Case of Mistaken Identity
Educator Accused of Harassing Student Wearing an Insulin Pump; Mistakes It for a Beeper, But Is Not Reprimanded
The West Boca Raton, Florida, school district has decided not to reprimand an assistant principal accused of harassing a student who was wearing an insulin pump, according to an April 24 South Florida Sun-Sentinel article.
In describing the March incident at Eagles Landing Middle School, school officials said that the educator, Nereyda Astiasaran-Perez, thought that an eighth-grader, Nikki Wagner, was wearing a beeper in the school's cafeteria and asked Wagner to take it off. Beepers are not allowed at school.
Wagner explained that it was an insulin pump, at which point the educator "kept asking" what the device was, according to the school's principal, Ira Margulies. Wagner then took the pump off, placed it on the table and ran out of the room. Once Astiasaran-Perez realized that it was a medical device, she contacted a police officer, who returned it to the student.
"The claim was that the assistant principal touched the child and took it off her, and she did not," said district spokesperson Nat Harrington. "The assistant principal did not touch the child."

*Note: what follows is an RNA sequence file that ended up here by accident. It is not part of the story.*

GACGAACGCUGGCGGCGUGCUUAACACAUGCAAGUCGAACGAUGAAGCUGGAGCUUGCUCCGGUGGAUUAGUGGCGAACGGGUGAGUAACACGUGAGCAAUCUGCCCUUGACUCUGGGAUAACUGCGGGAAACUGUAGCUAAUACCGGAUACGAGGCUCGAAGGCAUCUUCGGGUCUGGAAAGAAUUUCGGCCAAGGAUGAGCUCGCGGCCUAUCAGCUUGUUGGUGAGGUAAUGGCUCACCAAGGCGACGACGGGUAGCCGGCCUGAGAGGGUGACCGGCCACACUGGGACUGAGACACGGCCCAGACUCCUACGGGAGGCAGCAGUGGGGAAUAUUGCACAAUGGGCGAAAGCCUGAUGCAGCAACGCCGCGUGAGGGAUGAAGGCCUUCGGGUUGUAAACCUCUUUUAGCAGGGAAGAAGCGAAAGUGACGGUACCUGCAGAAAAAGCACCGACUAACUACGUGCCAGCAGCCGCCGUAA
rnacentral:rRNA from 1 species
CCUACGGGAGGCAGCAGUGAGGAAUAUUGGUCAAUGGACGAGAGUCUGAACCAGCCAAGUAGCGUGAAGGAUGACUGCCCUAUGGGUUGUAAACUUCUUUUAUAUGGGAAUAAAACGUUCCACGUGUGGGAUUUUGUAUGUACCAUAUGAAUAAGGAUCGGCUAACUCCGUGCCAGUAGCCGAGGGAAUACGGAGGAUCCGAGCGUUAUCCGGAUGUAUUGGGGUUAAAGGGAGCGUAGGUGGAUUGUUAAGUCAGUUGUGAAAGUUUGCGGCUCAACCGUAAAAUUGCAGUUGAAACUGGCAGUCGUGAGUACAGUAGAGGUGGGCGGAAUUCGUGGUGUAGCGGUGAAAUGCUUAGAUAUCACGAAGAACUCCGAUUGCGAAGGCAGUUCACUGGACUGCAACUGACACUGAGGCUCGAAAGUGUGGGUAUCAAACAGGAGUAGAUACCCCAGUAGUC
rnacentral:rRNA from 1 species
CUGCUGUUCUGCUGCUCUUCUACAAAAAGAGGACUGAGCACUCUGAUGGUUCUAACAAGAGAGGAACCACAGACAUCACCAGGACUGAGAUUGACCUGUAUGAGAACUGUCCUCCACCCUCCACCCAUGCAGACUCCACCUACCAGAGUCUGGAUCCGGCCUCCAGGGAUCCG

Margulies stated that he was pleased with the district's decision and that he plans to talk to his staff and prep them on how to handle such situations. "We still plan to make sure our teachers are aware of students' health conditions," he said.
The girl's father, Jeff Wagner, however, said that he was "shocked" by the decision not to reprimand Astiasaran-Perez.
According to a March 22 Sun-Sentinel article, Nikki Wagner and a friend who witnessed the incident claim that Astiasaran-Perez yanked the pump, which was attached to the girl's body with tubing and a needle, as she was taking it off.
"She was pulling on it," Wagner insisted. "I felt it. It was bleeding."
Wagner's parents have issued complaints to both the school district and state officials about the incident. They note that they have worked hard to educate school officials about the special needs of children with type 1 diabetes. "We need to educate the educators," says the girl's mother, Debbi Wagner. "They don't follow their own procedures."Click Here To View Or Post Comments